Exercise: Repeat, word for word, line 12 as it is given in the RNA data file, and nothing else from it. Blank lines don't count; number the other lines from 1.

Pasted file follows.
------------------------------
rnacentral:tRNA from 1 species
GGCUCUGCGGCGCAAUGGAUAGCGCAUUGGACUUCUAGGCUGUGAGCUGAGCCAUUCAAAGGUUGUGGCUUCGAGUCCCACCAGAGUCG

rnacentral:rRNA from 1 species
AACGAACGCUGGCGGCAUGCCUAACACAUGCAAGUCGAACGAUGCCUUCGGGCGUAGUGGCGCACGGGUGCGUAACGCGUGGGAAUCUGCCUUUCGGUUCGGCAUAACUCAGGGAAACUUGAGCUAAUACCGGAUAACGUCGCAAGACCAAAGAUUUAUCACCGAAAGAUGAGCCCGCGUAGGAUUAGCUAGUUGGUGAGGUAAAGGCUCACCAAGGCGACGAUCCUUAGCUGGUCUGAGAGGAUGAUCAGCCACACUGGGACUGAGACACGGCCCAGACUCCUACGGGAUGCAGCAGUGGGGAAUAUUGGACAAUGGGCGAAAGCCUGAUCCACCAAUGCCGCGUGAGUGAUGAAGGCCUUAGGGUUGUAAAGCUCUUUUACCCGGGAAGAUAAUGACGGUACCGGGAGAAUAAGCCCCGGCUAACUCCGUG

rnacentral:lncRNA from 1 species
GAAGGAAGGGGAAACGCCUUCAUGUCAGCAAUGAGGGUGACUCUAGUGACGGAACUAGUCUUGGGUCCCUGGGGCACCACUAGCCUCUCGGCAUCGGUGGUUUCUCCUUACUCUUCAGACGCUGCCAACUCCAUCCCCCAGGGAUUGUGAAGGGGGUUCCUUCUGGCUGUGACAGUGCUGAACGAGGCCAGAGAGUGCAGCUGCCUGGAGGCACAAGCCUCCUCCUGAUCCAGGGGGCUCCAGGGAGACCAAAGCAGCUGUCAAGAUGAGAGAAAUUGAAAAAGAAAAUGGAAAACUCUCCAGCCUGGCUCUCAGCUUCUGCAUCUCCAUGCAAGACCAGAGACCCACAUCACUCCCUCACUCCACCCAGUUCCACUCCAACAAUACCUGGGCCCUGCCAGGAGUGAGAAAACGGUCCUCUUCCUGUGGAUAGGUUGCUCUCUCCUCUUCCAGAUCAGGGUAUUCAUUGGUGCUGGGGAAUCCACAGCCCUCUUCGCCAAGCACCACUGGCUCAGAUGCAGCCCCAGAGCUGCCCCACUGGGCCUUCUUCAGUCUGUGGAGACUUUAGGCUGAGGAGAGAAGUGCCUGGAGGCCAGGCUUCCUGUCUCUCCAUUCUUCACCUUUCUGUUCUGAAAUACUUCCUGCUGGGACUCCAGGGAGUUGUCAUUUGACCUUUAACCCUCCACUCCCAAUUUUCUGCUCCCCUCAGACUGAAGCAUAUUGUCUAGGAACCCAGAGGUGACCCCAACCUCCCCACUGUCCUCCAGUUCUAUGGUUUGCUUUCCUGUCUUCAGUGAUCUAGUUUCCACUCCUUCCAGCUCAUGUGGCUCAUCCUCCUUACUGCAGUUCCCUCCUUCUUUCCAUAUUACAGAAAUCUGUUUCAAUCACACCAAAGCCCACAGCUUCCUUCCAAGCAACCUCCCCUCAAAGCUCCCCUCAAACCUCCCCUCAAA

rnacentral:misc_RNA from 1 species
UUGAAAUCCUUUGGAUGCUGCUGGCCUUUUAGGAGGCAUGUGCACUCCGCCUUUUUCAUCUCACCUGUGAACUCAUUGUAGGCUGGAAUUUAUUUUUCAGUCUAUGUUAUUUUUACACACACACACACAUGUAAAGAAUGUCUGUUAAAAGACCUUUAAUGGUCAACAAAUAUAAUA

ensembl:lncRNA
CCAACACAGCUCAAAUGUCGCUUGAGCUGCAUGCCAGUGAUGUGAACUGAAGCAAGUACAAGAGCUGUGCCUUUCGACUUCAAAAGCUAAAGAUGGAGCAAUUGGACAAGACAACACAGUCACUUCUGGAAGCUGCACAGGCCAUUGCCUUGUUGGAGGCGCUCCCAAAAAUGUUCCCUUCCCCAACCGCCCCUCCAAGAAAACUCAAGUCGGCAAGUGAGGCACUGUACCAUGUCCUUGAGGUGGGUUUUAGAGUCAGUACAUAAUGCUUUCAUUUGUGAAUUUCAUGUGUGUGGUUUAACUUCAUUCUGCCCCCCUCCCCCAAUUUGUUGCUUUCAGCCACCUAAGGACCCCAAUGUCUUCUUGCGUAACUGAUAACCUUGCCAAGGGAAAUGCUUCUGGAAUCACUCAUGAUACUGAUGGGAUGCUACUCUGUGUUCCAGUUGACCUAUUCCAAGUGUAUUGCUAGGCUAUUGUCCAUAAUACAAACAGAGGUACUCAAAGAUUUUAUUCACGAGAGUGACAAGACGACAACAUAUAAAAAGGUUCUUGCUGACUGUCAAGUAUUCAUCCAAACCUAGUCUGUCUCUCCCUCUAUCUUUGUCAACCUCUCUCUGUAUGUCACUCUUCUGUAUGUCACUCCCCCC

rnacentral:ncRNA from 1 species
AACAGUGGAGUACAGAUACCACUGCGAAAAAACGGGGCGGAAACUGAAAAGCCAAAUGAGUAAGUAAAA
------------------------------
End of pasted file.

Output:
AACAGUGGAGUACAGAUACCACUGCGAAAAAACGGGGCGGAAACUGAAAAGCCAAAUGAGUAAGUAAAA